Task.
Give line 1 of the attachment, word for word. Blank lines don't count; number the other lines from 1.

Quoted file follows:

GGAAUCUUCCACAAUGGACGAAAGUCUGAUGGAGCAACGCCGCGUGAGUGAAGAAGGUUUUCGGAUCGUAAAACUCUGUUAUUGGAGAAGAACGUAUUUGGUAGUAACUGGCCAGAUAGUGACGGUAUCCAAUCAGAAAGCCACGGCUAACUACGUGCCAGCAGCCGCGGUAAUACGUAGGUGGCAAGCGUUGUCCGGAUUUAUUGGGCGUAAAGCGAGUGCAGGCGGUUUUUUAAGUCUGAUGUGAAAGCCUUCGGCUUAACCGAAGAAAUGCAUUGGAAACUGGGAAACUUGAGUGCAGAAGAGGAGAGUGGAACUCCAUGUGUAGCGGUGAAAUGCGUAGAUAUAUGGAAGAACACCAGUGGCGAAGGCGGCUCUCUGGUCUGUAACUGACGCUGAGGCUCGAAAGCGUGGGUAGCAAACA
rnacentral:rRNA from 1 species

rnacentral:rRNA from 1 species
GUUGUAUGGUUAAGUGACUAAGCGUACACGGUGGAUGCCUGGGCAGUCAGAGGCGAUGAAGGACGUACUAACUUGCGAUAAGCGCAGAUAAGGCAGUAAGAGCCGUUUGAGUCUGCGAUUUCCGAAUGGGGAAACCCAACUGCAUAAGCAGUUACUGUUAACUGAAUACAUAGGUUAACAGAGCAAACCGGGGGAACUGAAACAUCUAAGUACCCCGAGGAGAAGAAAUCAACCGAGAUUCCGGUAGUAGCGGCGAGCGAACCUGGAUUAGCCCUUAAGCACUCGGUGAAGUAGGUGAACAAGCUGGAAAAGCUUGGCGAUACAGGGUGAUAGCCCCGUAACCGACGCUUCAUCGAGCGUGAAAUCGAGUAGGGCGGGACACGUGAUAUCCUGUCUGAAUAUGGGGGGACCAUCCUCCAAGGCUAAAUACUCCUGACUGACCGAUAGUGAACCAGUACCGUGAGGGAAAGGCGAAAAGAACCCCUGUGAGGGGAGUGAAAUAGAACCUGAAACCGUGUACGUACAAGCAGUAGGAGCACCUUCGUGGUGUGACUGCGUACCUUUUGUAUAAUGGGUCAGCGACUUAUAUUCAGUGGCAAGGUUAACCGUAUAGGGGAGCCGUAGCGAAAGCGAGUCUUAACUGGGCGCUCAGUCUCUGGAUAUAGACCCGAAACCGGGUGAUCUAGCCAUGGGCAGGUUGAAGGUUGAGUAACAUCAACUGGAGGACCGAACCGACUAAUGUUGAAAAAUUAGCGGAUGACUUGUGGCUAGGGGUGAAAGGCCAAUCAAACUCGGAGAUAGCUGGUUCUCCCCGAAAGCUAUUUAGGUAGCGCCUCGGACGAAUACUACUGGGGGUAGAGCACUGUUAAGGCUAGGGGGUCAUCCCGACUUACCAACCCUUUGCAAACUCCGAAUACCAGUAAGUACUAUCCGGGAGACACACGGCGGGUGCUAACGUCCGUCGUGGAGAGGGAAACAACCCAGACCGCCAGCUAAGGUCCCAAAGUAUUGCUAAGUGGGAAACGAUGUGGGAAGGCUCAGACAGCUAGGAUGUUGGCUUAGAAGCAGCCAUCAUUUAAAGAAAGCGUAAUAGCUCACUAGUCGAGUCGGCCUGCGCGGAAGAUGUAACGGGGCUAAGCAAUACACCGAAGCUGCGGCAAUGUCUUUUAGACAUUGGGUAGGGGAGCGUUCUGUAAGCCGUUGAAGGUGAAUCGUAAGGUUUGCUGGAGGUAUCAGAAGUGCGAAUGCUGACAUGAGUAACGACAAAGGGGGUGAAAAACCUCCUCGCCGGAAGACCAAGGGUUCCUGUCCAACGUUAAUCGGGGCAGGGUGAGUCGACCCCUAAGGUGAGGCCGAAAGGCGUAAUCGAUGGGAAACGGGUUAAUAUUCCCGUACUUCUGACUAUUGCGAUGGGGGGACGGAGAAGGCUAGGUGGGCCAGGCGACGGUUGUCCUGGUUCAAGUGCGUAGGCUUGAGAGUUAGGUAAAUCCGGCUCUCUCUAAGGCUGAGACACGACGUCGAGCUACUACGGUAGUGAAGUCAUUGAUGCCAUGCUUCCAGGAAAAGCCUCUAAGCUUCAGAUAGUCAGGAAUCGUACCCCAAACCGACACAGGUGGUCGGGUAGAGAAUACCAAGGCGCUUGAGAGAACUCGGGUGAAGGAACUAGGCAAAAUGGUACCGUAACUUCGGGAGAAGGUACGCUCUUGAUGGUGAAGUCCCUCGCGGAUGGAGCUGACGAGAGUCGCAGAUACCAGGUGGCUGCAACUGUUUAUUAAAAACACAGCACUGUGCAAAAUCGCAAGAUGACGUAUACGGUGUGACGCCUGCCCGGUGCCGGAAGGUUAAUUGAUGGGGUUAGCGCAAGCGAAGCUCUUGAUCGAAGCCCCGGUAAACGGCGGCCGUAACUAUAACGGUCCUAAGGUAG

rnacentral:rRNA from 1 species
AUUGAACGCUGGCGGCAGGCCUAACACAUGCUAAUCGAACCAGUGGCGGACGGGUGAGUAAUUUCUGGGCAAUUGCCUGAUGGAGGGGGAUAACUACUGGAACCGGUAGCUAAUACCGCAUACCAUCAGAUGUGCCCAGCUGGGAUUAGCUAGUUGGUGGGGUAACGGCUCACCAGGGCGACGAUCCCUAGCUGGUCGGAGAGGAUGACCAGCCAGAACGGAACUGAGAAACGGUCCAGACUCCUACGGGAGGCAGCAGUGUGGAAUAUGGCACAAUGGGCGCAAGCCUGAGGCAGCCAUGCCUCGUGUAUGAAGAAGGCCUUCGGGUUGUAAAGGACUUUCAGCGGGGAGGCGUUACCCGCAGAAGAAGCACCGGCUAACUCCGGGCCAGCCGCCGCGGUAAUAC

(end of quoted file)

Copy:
GGAAUCUUCCACAAUGGACGAAAGUCUGAUGGAGCAACGCCGCGUGAGUGAAGAAGGUUUUCGGAUCGUAAAACUCUGUUAUUGGAGAAGAACGUAUUUGGUAGUAACUGGCCAGAUAGUGACGGUAUCCAAUCAGAAAGCCACGGCUAACUACGUGCCAGCAGCCGCGGUAAUACGUAGGUGGCAAGCGUUGUCCGGAUUUAUUGGGCGUAAAGCGAGUGCAGGCGGUUUUUUAAGUCUGAUGUGAAAGCCUUCGGCUUAACCGAAGAAAUGCAUUGGAAACUGGGAAACUUGAGUGCAGAAGAGGAGAGUGGAACUCCAUGUGUAGCGGUGAAAUGCGUAGAUAUAUGGAAGAACACCAGUGGCGAAGGCGGCUCUCUGGUCUGUAACUGACGCUGAGGCUCGAAAGCGUGGGUAGCAAACA